currChar = getNextChar()
while currChar != EOF:
    # Every character counts.

    charCount++;

    # Words only on whitespace transitions.

    if isWhite(lastChar) && !isWhite(currChar):
        wordCount++

    # Lines only on newline characters.

    if currChar == '\n':
        lineCount++;
    lastChar = currChar
    currChar = getNextChar()

# Handle incomplete last line.

if lastChar != '\n':
    lineCount++;
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The file pointer is set to the end of the file when the 1st while is executed. try this:

Scanner in = new Scanner(file);


        while(in.hasNext())
        {
            in.next();
            words++;
        }
        in = new Scanner(file);
        while(in.hasNextLine())
        {
            in.nextLine();
            lines++;
        }
        in = new Scanner(file);
        while(in.hasNextByte())
        {
            in.nextByte();
            chars++;
        }
share|improve this answer
    
Will work, but not the right way IMO –  Anirudh Ramanathan Mar 6 '13 at 5:08
    
nesting it will have its own problems. The conditions need to be changed. –  Aashray Mar 6 '13 at 5:10

I'm no Java expert, but I would presume that the .hasNext, .hasNextLine and .hasNextByte all use and increment the same file position indicator. You'll need to reset that, either by creating a new Scanner as Aashray mentioned, or using a RandomAccessFile and calling file.seek(0); after each loop.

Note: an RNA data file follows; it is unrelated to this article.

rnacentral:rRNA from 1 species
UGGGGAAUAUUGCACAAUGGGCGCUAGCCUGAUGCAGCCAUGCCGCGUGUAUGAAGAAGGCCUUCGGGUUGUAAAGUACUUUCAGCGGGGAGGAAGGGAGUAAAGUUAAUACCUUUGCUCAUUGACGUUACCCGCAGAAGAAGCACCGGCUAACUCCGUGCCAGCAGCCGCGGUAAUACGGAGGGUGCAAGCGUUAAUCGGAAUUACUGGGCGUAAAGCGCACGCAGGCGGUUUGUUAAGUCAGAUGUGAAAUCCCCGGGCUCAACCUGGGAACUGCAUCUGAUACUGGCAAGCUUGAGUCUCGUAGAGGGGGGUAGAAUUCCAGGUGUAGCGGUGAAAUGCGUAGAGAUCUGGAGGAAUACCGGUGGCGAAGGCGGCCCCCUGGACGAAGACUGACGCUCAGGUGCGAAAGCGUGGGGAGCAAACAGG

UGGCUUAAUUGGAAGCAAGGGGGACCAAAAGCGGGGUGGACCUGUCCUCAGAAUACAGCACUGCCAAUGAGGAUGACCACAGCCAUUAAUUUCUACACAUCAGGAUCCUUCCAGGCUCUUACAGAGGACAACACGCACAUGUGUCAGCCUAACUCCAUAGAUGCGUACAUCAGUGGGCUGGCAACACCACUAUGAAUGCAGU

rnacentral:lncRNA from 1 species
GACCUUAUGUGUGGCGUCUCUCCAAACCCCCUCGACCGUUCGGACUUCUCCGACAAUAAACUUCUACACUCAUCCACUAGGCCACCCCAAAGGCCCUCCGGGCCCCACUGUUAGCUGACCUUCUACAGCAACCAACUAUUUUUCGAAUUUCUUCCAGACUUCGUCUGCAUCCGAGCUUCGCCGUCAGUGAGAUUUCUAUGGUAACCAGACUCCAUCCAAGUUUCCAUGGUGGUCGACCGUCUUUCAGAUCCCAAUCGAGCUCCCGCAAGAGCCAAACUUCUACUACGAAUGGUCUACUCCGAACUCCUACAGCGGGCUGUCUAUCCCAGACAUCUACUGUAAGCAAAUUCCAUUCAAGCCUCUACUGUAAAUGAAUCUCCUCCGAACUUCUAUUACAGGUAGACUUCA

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I agree with @Cthulhu answer. In your code you can reset your Scanner object (in).

in.reset();

This will reset your in object at the first line of your file.

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You could use regular expressions to count for you.

String subject = "First Line\n Second Line\nThird Line";  
Matcher wordM = Pattern.compile("\\b\\S+?\\b").matcher(subject); //matches a word
Matcher charM = Pattern.compile(".").matcher(subject); //matches a character
Matcher newLineM = Pattern.compile("\\r?\\n").matcher(subject); //matches a linebreak

int words=0,chars=0,newLines=1; //newLines is initially 1 because the first line has no corresponding linebreak

while(wordM.find()) words++;
while(charM.find()) chars++;
while(newLineM.find()) newLines++;

System.out.println("Words: "+words);
System.out.println("Chars: "+chars);
System.out.println("Lines: "+newLines);
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while(in.hasNextLine())  {
        lines++;
        String line = in.nextLine();
        for(int i=0;i<line.length();i++)
        {
            if(line.charAt(i)!=' ' && line.charAt(i)!='\n')
        chars ++;
        }
        words += new StringTokenizer(line, " ,;:.").countTokens();
    }
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I think the best answer is

int words = 0;
int lines = 0;
int chars = 0;
while(in.hasNextLine())  {
    lines++;
    String line = in.nextLine();
   for(int i=0;i<line.length();i++)
    {
        if(line.charAt(i)!=' ' && line.charAt(i)!='\n')
        chars ++;
    }
    words += new StringTokenizer(line, " ,").countTokens();
}